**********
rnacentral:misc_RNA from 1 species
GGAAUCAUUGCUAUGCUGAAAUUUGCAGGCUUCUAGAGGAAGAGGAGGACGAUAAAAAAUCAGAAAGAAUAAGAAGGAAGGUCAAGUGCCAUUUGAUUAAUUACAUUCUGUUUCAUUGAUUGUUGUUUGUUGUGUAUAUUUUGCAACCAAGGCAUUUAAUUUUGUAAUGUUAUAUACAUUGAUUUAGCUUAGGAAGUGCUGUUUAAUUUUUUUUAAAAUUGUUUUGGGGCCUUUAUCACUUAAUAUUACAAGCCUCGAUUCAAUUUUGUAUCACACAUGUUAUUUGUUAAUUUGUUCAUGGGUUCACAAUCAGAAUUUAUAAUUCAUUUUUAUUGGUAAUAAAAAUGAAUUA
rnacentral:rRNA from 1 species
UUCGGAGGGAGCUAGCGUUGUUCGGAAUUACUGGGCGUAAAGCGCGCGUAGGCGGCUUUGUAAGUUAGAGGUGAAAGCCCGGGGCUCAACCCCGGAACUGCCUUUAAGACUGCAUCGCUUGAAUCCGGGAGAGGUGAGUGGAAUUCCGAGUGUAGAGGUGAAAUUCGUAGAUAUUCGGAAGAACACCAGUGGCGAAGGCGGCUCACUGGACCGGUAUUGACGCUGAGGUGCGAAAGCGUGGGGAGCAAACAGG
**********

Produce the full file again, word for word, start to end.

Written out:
rnacentral:misc_RNA from 1 species
GGAAUCAUUGCUAUGCUGAAAUUUGCAGGCUUCUAGAGGAAGAGGAGGACGAUAAAAAAUCAGAAAGAAUAAGAAGGAAGGUCAAGUGCCAUUUGAUUAAUUACAUUCUGUUUCAUUGAUUGUUGUUUGUUGUGUAUAUUUUGCAACCAAGGCAUUUAAUUUUGUAAUGUUAUAUACAUUGAUUUAGCUUAGGAAGUGCUGUUUAAUUUUUUUUAAAAUUGUUUUGGGGCCUUUAUCACUUAAUAUUACAAGCCUCGAUUCAAUUUUGUAUCACACAUGUUAUUUGUUAAUUUGUUCAUGGGUUCACAAUCAGAAUUUAUAAUUCAUUUUUAUUGGUAAUAAAAAUGAAUUA
rnacentral:rRNA from 1 species
UUCGGAGGGAGCUAGCGUUGUUCGGAAUUACUGGGCGUAAAGCGCGCGUAGGCGGCUUUGUAAGUUAGAGGUGAAAGCCCGGGGCUCAACCCCGGAACUGCCUUUAAGACUGCAUCGCUUGAAUCCGGGAGAGGUGAGUGGAAUUCCGAGUGUAGAGGUGAAAUUCGUAGAUAUUCGGAAGAACACCAGUGGCGAAGGCGGCUCACUGGACCGGUAUUGACGCUGAGGUGCGAAAGCGUGGGGAGCAAACAGG